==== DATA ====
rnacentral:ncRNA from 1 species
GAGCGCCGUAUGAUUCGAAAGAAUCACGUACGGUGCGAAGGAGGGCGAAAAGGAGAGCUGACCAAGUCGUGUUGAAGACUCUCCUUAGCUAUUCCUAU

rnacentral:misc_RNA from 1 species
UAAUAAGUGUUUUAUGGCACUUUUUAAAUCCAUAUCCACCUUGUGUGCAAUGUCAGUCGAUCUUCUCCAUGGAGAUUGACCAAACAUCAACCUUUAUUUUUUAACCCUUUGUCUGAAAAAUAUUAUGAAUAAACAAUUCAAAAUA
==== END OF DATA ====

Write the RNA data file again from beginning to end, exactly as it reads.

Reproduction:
rnacentral:ncRNA from 1 species
GAGCGCCGUAUGAUUCGAAAGAAUCACGUACGGUGCGAAGGAGGGCGAAAAGGAGAGCUGACCAAGUCGUGUUGAAGACUCUCCUUAGCUAUUCCUAU

rnacentral:misc_RNA from 1 species
UAAUAAGUGUUUUAUGGCACUUUUUAAAUCCAUAUCCACCUUGUGUGCAAUGUCAGUCGAUCUUCUCCAUGGAGAUUGACCAAACAUCAACCUUUAUUUUUUAACCCUUUGUCUGAAAAAUAUUAUGAAUAAACAAUUCAAAAUA